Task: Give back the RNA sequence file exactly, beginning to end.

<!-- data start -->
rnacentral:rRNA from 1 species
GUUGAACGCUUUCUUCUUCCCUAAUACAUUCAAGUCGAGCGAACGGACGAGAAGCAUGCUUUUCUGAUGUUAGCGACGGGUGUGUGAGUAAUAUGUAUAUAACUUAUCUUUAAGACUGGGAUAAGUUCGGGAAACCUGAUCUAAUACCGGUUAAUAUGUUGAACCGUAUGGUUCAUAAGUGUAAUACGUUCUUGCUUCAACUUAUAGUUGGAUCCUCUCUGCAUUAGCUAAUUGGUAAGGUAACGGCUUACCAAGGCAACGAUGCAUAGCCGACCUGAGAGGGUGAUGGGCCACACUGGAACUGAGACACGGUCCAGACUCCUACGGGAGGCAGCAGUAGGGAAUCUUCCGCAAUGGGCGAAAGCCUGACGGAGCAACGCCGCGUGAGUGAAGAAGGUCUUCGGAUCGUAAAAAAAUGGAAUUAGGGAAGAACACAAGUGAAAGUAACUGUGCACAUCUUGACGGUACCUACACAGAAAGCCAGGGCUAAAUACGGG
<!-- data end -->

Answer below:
rnacentral:rRNA from 1 species
GUUGAACGCUUUCUUCUUCCCUAAUACAUUCAAGUCGAGCGAACGGACGAGAAGCAUGCUUUUCUGAUGUUAGCGACGGGUGUGUGAGUAAUAUGUAUAUAACUUAUCUUUAAGACUGGGAUAAGUUCGGGAAACCUGAUCUAAUACCGGUUAAUAUGUUGAACCGUAUGGUUCAUAAGUGUAAUACGUUCUUGCUUCAACUUAUAGUUGGAUCCUCUCUGCAUUAGCUAAUUGGUAAGGUAACGGCUUACCAAGGCAACGAUGCAUAGCCGACCUGAGAGGGUGAUGGGCCACACUGGAACUGAGACACGGUCCAGACUCCUACGGGAGGCAGCAGUAGGGAAUCUUCCGCAAUGGGCGAAAGCCUGACGGAGCAACGCCGCGUGAGUGAAGAAGGUCUUCGGAUCGUAAAAAAAUGGAAUUAGGGAAGAACACAAGUGAAAGUAACUGUGCACAUCUUGACGGUACCUACACAGAAAGCCAGGGCUAAAUACGGG